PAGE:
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Wrapping a pork butt?

I'm sure this topic has been discussed ad nauseum and I apologize..searched for a bit but didn't find what I was looking for.

Thinking about doing a 9lb or so butt on the 4th and wondering if I should wrap it in foil at some point.  I have done many pork butts but never wrapped - usually I do inject with a mixture of apple juice/cider vinegar.  One time in order to speed the process I did put a butt in a foil pan and tented it with foil - totally ruined the bark.  I'm concerned wrapping in foil will do the same thing.  So my questions are:

1. Does wrapping tightly in foil ruin the bark?
2. If not, and you wrap, do you put some moisture in the foil with the butt, and how much?
3. About what internal temp do you wrap at?
4. Or is the wrap/don't wrap merely a personal preference?

Again, sorry for what seem like basic questions.  Everybody have a great 4th!

Comments

  • cazzycazzy Posts: 6,021
    What are you trying to accomplish by wrapping? 

    Are you not satisfied with the results of your normal approach?

    Yes, wrapping with foil will have an affect on you bark.  I've only wrapped in butcher paper, and when i've done so, it was to speed up cooking.  


    Just a hack that makes some shitty BBQ...
  • Mud PigMud Pig Posts: 450
    edited June 2013
    In my opinion, wrapping a pork butt ruins the bark if you do it during the cook. That being said I always wrap my pork butts when they reach 195 degrees, pull them off my XL EGG and let them sit in a cooler for at least three hours. I never wrap during cooking cause the bark is the payoff from using a smoker in my opinion. Otherwise, you could just use a crockpot or oven.

    Wrapping the butt once it's reached your desired temp doesn't do a thing to the bark.
  • Thanks for both comments - I've been happy with the results of my cooks without wrapping.  Just wondering if I'm missing out, maybe not having it as juicy as it could be.  But I've always thought it they were juicy.

    I'd hate to ruin any bit of the bark!

    And I do FTC afterward and have never had it affect the bark so, based on all that, maybe I should just forget the wrapping.

    I wrap my briskets in butcher paper and I do think that helps keep them really juicy - but I don't inject those.
  • I have found that if you wrap when the butt hits the stall 165ish, you still achieve a good bark. It will finish a little sooner, and it traps enough of its own juices that I don't feel adding anything is necessary.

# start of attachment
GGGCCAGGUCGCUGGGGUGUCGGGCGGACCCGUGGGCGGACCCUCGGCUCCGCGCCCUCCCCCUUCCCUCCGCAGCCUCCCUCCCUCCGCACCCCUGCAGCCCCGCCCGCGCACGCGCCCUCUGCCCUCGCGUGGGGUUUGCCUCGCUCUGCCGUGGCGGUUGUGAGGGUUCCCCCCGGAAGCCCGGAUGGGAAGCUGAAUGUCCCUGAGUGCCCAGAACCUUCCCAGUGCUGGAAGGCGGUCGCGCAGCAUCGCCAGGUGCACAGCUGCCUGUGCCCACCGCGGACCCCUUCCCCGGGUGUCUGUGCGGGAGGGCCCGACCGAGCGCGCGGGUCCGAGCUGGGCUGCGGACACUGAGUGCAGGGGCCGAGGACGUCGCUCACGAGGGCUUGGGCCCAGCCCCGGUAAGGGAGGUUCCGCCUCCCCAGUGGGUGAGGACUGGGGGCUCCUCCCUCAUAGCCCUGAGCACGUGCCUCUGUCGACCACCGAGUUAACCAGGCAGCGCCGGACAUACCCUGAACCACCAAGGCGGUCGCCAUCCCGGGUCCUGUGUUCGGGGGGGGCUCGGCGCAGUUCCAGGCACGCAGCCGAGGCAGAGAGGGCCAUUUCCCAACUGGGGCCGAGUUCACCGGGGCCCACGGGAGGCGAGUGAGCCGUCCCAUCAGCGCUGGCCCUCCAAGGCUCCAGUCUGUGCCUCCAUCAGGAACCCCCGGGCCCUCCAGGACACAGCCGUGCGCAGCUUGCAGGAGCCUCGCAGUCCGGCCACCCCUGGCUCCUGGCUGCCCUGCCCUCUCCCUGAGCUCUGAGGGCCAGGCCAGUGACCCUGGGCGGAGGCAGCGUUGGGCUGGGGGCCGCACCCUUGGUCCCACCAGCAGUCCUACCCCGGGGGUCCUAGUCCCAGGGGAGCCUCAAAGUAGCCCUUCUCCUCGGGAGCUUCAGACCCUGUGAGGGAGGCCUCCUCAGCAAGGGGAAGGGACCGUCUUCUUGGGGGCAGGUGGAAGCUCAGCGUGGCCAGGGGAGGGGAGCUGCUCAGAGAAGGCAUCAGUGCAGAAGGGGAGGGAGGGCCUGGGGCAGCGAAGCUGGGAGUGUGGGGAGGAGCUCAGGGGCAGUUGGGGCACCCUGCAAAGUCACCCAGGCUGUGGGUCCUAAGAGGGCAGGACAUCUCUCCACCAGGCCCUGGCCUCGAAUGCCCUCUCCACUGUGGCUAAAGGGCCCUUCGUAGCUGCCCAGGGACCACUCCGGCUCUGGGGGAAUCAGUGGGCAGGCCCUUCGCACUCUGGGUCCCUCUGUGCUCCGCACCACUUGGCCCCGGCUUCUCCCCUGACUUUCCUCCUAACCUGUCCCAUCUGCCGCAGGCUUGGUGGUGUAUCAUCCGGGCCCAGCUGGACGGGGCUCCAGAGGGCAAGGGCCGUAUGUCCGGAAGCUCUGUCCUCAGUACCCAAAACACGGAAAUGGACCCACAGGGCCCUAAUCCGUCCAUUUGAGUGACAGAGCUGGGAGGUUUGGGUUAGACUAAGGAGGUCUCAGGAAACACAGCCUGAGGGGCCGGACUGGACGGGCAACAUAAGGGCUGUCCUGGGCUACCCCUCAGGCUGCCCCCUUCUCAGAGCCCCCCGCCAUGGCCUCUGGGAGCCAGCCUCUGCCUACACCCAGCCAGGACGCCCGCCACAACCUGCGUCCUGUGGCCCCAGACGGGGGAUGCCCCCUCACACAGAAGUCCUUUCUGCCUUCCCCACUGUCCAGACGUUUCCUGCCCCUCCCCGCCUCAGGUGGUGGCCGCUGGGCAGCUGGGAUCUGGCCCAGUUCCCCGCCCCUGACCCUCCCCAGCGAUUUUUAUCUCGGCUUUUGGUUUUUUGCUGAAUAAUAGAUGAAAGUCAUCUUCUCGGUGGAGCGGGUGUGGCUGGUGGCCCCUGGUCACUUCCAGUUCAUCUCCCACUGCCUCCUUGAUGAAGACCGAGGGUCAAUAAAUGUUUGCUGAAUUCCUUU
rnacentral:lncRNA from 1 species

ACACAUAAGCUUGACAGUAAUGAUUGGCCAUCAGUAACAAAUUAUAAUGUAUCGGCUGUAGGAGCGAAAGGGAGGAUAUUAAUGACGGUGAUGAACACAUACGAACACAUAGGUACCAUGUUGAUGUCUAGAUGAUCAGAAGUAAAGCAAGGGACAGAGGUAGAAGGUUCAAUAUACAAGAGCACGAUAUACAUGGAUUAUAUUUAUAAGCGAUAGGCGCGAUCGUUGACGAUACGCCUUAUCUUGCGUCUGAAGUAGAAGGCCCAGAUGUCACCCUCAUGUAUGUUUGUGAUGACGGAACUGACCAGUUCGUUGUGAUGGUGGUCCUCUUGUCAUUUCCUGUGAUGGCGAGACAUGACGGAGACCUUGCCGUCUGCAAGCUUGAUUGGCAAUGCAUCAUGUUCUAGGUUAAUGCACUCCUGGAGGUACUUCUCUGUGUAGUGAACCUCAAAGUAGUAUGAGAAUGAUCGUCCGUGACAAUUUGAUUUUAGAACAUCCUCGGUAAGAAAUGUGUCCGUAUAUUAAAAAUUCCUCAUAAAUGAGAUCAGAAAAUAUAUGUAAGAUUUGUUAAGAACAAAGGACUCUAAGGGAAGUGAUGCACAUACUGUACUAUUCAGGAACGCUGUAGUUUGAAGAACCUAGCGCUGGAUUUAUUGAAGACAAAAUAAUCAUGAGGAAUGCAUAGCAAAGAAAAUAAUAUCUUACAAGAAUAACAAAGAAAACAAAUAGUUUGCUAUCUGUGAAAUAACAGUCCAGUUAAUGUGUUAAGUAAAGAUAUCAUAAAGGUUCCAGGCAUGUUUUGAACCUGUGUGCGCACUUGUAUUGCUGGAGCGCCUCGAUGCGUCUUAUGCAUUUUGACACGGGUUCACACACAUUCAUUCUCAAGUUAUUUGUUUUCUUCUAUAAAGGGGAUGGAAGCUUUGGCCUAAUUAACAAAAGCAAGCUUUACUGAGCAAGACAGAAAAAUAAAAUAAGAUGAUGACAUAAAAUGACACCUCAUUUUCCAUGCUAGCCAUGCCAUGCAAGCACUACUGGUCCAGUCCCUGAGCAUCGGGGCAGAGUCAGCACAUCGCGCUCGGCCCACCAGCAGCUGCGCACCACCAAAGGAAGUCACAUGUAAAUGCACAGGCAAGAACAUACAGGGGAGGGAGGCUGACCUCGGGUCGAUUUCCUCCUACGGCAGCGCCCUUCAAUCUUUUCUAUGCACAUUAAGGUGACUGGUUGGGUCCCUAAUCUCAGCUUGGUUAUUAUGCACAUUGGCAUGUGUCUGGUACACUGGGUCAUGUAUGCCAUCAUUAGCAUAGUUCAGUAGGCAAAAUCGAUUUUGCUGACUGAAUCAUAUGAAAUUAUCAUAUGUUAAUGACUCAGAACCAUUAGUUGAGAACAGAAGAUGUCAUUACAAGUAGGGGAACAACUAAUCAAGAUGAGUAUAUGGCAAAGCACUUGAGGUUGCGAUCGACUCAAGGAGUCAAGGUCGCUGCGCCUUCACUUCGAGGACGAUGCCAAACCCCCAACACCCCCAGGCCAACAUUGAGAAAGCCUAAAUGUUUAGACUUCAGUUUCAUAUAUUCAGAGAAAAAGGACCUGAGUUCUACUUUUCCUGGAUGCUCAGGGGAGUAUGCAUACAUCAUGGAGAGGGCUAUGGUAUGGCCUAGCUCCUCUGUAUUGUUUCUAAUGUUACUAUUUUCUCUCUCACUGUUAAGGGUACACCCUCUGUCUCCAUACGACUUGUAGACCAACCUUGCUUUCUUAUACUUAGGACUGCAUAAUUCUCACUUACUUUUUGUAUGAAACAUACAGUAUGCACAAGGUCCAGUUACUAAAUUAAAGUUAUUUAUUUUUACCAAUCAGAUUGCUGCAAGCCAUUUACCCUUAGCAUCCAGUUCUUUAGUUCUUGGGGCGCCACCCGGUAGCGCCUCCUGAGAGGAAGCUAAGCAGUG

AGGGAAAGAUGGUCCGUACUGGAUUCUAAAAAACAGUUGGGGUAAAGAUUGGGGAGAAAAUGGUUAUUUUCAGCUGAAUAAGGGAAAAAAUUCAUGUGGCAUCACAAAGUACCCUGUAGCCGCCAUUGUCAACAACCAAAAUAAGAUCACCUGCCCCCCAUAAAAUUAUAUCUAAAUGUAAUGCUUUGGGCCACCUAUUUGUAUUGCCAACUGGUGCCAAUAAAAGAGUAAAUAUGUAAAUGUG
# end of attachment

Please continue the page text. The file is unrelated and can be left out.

Birmingham, AL
    XL, Small, and Mini BGEs
  • Mud PigMud Pig Posts: 450
    edited June 2013
    Just a quick note. I do add "pig liquor" to my pork butt after I pull it. People swear by my pulled pork and I find that this seasons all the meat along with the chopped up bark beautifully.

    Pig Liquor recipe: (per pork butt)
    2 cups apple juice
    1 cup apple cider vinegar
    2 tbs of the rub you use on your butt
    Boil it

    Add it to your pulled pork and then serve. You shall become a legend.

    MP
  • Mud Pig said:
    Just a quick note. I do add "pig liquor" to my pork butt after I pull it. People swear by my pulled pork and I find that this seasons all the meat along with the chopped up bark beautifully. Pig Liquor recipe: (per pork butt) 2 cups apple juice 1 cup apple cider vinegar 2 tbs of the rub you use on your butt Boil it Add it to your pulled pork and then serve. You shall become a legend. MP
    Two questions: Do you boil it just until the flavors combine, or do you attempt to reduce it? Second, do you serve it with sauce as well?
    Birmingham, AL
    XL, Small, and Mini BGEs
  • Mud PigMud Pig Posts: 450
    ^^^ I boil it just to combine the flavors. It allows the rub to dissolve into the liquid. I don't reduce it.

    I never serve my pulle pork with BBQ sauce. It's on the table as an option but totally unnecessary.

    I don't like covering up the taste ofthe pork. Lesser BBQ restaurants do this and it's a real shame.
  • BeaumontyBeaumonty Posts: 159
    This seems like a ton of liquid to add. Does it soak in or is the finished product "saucy"? Sounds delicious
  • I have found that if you wrap when the butt hits the stall 165ish, you still achieve a good bark. It will finish a little sooner, and it traps enough of its own juices that I don't feel adding anything is necessary.
    Thanks - that's what I was wondering about.  
  • Mud PigMud Pig Posts: 450
    Beaumonty said:

    This seems like a ton of liquid to add. Does it soak in or is the finished product "saucy"? Sounds delicious

    It doesn't get saucy. I put tongs in the serving dish as people grab pork they don't get a lot of liquid on their plates or buns. It's not that much liquid if you considered I pour it over 10 pounds of pork.

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